T&D: Customer Satisfaction – 1979

My First Published Article – 1979

SCENE: It’s been a long, hectic day. It’s almost closing time and you begin to straighten up the sales  counter area. The center had been swamped all day, you’re tired and feel a slight headache coming on.

As if by magic, at five minutes to closing the last group of customers rush in. Among them, one man  marches up toward the counter. You can sense this won’t be easy by the look in his eyes and the firm set of his jaw. You greet him, “Good afternoon sir; what may I help you with today?” with that he explodes and his anger and frustration spew forth in condemnation of you, your center and the world in general.

Obviously he’s upset, you say to yourself. You know there is a right way and a wrong way to handle such a customer. You could react personally to his attack and defend yourself, but you know he’s not really attacking you. And that would get you nowhere. So you listen to what he is saying.


Here I am in 1979 in the Video Studio with the late Gail Tornga

In between complaints about the salesman, one warehouseman, the waiting lines at the sales counter, cash register and out-back, the malfunctioning product or the out-of-stock situation, you know that a simple solution to his problem exists. One that will turn this angry, frustrated and dissatisfied customer into a happy, satisfied customer. It’s all in how you, the professional, approach the problem of how to handle customer complaints.

A dissatisfied customer means lost future business and lost future profits. But it does not represent simply the loss of one customer’s business. A bad reputation grows with a multiplier effect; dissatisfied customers spread the word to four times as many people as do satisfied customers.

Through their attitudes and actions, each center employee sells the Wickes product lines and service, not just before and during the sale, but afterwards as well. A successful sale is not completed at the sales counter, or at the cash register, or once the customer drives out the gate. The successful sale is concluded when that customer decides to come back to do more business with us. That’s the mark of a satisfied customer: his repeat business.

There are five basic steps to handle a customer complaint:

1. Listen. Do not interrupt the customer, give them a chance to vent frustrations and tell what the problem is.

2. Accept their feelings. Do not take their anger or criticism personally. Put yourself in their shoes, and accept their dissatisfaction as real.

3. Agree with them. Find some point on which you can agree with them and verbalize it. Let them know you understand and accept their feelings. Don’t make them think you are fighting them.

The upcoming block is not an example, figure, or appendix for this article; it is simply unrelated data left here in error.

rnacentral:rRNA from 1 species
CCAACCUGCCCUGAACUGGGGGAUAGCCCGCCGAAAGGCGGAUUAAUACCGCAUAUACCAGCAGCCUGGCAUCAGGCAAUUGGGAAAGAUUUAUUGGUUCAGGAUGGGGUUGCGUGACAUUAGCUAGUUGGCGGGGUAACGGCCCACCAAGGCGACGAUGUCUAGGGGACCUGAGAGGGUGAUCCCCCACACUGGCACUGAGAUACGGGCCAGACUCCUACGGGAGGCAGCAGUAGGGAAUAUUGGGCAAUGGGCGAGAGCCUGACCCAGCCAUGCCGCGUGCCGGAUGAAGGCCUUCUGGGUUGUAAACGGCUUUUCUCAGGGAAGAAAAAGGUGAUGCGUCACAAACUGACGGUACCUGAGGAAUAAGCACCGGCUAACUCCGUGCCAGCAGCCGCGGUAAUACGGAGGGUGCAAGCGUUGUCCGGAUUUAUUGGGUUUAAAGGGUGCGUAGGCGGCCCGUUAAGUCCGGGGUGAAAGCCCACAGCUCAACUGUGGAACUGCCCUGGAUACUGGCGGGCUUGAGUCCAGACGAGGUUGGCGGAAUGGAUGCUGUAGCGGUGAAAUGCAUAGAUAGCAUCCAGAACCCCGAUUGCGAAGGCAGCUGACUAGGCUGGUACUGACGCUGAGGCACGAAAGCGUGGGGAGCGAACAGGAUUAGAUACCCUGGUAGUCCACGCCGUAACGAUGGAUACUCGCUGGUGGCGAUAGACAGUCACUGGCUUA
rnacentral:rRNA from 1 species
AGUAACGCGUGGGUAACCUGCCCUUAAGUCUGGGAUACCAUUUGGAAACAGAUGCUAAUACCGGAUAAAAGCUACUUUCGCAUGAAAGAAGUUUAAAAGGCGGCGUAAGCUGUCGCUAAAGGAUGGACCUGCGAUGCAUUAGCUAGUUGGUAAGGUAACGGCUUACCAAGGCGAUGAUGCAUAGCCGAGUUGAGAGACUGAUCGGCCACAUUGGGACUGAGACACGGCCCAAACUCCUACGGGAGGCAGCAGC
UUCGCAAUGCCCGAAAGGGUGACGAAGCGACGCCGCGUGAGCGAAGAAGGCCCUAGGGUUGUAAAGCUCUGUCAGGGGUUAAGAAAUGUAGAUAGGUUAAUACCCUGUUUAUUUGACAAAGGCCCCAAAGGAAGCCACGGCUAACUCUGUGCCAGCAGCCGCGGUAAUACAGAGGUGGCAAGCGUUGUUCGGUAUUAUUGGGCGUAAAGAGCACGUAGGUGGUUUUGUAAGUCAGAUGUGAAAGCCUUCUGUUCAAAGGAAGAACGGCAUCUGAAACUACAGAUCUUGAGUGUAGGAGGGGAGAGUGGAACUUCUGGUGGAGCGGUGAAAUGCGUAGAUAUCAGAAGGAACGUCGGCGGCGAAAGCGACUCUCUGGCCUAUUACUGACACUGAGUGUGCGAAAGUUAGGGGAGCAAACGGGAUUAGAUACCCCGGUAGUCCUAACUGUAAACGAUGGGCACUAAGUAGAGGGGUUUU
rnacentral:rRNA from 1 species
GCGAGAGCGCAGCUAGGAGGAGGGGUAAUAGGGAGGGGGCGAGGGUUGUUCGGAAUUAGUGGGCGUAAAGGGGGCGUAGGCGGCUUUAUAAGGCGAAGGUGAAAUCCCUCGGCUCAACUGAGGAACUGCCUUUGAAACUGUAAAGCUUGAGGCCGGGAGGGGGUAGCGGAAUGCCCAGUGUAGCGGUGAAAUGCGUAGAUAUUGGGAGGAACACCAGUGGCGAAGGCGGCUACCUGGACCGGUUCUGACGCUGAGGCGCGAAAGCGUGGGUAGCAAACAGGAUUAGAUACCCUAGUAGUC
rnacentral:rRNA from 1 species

4. Clarify the complaint. If you have LISTENED, you should be able to reiterate the complaint to double check to make sure you do understand.

5. Take action. Resolve the problem ASAP! Make the exchange or the refund or take down all the vital information as cheerfully and as quickly as possible.

The last step is of course the most important: resolve the complaint and satisfy the customer as soon as possible. If the nature of the complaint is such that someone must leave the center for an on-site inspection, make the arrangements to do so while the customer is there. Make him feel that you are doing as much as possible to satisfy him. Be courteous.

If the problem stems from the customer’s own negligence, tactfully point this out, but still strive for his satisfaction. If the product is beyond repair, check with your manager first and see if you can offer to sell him a replacement at cost, plus shipping. We do not need to profit twice due to the customer’s misfortune. However, if the customer resists and demands replacement or a refund at no cost to himself, check with your manager. We should attempt to resolve the complaint at any cost. A refusal to payout $50.00 to satisfy a customer now later might cost us $1,000.00 in lost sales and a potential $250.00 to $500.00 in lost profits .

It is important that each person can handle and resolve every complaint, or else see to it that it is directed to and resolved by the proper person. And that does not mean telling a customer, “That’s not my department, lady. See the people out-back.” A more professional approach would be to hear them out, get them together with the proper person, explain their needs to your fellow employee, and make sure that their problem (which is now yours) is resolved to their satisfaction. Do not force them to to repeat their story “umpteen” times. It will only frustrate them further.

You may not have been the original salesperson, but once that customer chose you to give his complaint to, it became your job to sell them our “satisfaction guaranteed” service. And that means seeing their sale all the way through until their next trip in to do business with us.


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